Laguna Beach’s Eric Davidson named World TeamTennis league owner, chairman
LAGUNA BEACH — Eric Davidson has long loved the mental and physical challenges of tennis.
As a 12-year-old growing up in Laguna Beach, he played football, baseball and volleyball. His father, Gary Davidson, was an avid tennis player.
“He told me he’d support me in any sport,” Eric Davidson recalled last week. “But, he said that one sport we can play together the rest of our lives is tennis. That resonated with me. For me, that was the hook.”
Davidson and his father played tennis together most of their lives.
And more recently, Eric Davidson is following in his father’s footsteps in another way.
On Tuesday, Feb. 26, the younger Davidson was named the new chairman of the board of World TeamTennis, while acquiring an ownership share in the professional league.
He now shares majority partnership with Fred Luddy, owner of the San Diego Aviators. Billie Jean King, who co-founded the league, has a minority share, Davidson said.
Davidson, who owns the OC Breakers — one of six franchise teams in the WTT — said the transition to ownership was natural.
His father was a co-founder of the American Basketball Association in 1967; a co-founder and first president of the World Hockey Association in 1971; and the president, commissioner and co-founder of the World Football League in 1973.
Additionally, his son said, Gary Davidson played a role in helping Billie Jean King establish World TeamTennis prior to its inaugural season in 1974.
“It is satisfying to follow in my father’s footsteps as an entrepreneur in the sports world,” Eric Davidson said. “The opportunity to take a larger role in the tennis league came by being in the right place at the right time. I didn’t sit down and think, ‘I want to be involved in tennis.’ I was passionately involved as a fan and player. But, getting into ownership wasn’t on my horizon.”
About a year ago, Davidson said he was approached by Rick Leach, then the coach of the OC Breakers. Davidson said it was Leach’s insistence that he buy the team that got him into franchise ownership.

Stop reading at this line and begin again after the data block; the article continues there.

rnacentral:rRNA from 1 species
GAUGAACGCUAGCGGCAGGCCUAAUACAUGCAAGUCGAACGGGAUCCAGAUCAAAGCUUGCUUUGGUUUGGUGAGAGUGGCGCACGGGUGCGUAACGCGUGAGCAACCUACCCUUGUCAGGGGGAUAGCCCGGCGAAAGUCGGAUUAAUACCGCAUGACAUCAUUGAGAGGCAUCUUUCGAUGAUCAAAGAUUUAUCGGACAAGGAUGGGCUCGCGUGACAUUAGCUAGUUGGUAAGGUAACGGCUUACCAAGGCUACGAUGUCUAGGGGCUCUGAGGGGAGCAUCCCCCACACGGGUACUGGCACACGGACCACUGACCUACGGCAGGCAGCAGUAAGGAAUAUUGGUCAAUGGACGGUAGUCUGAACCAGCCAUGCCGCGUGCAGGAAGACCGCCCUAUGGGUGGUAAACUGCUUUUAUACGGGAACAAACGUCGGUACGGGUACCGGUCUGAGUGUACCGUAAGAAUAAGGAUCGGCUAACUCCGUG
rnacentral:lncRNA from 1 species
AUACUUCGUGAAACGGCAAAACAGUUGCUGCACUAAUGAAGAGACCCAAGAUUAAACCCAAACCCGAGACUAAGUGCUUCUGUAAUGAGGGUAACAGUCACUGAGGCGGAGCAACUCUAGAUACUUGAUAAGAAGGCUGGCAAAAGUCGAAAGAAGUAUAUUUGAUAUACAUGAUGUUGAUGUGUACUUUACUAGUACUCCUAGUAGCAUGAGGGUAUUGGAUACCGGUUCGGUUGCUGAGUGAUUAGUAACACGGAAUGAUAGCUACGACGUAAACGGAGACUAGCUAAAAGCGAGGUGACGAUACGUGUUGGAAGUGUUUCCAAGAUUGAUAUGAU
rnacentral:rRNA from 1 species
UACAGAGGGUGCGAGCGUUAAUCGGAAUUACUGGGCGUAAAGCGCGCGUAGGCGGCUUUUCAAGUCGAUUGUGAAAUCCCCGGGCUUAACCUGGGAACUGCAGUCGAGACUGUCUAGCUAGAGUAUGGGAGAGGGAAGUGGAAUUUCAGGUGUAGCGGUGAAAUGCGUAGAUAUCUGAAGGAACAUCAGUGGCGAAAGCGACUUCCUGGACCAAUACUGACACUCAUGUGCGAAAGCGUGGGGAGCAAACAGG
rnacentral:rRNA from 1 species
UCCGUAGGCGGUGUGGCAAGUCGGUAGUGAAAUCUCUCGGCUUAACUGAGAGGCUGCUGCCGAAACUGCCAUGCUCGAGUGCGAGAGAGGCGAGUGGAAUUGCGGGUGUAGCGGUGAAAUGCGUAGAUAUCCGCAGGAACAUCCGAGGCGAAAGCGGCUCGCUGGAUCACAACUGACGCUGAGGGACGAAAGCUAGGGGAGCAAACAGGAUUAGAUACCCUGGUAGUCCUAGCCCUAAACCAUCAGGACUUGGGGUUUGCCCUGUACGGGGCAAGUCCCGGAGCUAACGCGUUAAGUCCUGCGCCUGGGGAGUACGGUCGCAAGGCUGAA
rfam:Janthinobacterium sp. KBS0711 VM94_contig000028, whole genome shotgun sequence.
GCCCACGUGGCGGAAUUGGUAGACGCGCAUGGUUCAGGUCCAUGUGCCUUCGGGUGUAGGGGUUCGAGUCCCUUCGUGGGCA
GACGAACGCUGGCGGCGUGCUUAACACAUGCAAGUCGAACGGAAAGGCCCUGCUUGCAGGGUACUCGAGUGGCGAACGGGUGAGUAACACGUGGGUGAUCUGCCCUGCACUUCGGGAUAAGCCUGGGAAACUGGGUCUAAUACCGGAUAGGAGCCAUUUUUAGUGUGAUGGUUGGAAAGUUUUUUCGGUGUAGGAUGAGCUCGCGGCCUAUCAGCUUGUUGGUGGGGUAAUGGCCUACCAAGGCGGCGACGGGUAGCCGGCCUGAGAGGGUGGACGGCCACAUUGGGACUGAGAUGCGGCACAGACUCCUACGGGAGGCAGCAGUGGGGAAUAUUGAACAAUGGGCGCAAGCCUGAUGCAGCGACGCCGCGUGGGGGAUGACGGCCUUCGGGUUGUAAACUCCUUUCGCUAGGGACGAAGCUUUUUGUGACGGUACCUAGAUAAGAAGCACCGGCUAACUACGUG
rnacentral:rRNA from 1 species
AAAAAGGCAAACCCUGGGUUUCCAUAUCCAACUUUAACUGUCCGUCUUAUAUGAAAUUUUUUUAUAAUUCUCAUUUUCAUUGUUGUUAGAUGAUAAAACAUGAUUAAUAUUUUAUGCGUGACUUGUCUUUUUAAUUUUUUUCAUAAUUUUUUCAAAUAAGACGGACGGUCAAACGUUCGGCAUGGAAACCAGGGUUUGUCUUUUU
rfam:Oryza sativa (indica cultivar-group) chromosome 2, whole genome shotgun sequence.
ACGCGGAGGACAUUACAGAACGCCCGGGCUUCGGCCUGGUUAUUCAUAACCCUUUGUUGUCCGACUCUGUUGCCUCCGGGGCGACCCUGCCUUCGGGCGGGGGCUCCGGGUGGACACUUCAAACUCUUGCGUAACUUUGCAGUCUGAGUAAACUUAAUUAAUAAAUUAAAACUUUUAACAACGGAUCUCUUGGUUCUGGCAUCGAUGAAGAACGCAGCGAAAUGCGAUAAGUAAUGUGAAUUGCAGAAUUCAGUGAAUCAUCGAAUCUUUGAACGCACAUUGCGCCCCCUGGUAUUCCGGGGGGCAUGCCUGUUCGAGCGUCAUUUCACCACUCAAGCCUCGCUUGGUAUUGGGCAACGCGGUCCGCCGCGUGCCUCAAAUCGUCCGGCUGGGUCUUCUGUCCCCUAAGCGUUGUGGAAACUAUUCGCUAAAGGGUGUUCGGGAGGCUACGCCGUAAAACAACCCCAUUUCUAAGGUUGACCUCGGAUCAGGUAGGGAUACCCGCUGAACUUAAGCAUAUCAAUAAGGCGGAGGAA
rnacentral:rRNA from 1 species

“It seemed like it was the right thing to do because of my passion for tennis and my father’s involvement,” he said.
Once Davidson took over ownership of the OC Breakers, moving deeper into the league seemed to be a logical progression.
“As owner of the Orange County Breakers, and now as one of the major owners of the league, Eric brings another strong voice to the leadership of World TeamTennis,” King said in a statement. “His family roots go back to the very beginning of WTT and Eric truly believes in and supports the league. I am looking forward to working with him in his new role as chairman and with the entire WTT board as we move the league forward.”
The WTT, which is made up of professional tennis players — marquee and roster players ranked among the top 150 in the world — is unique in its approach to tennis play with an innovative team format that includes men and women.
Since the league’s debut, virtually every major champion of the Open era has played WTT, including Andre Agassi, Venus and Serena Williams, Pete Sampras, Stefanie Graf, Andy Roddick, Kim Clijsters, Bob and Mike Bryan, Martina Hingis, Maria Sharapova, Lindsay Davenport, John McEnroe, Jimmy Connors, Martina Navratilova, and Chris Evert
Typical teams have from six to eight players. Roster players compete for the whole season while marquee players might just play a few matches.
“When Billie founded it, it was groundbreaking to have men and women on the same team,” Davidson said. “The team format is fun and exciting. It’s a lot more intimate and approachable for average spectators than the Grand Slams where you watch a three-hour singles match.”
The league’s six franchises are based in Newport Beach, San Diego, Springfield, Mo., Washington, D.C., Philidelphia and New York. King owns The Freedoms in Philadelphia along with Mark Walter, chairman and controlling owner of the Los Angeles Dodgers, who has a minority interest in the tennis team.
Davidson said he wants to expand the league, with plans to announce two new teams in the coming week. By 2020, he said, he’d like to add two more. In the heyday of World TeamTennis, the league had 18 teams.
“In the last 10 years, (tennis) been trending positively,” Davidson said. “Equipment sales and attendance at events are up. We’ll have more players, more fans and more product to get out. We’ll also get more sponsors and that will help us to get better players.”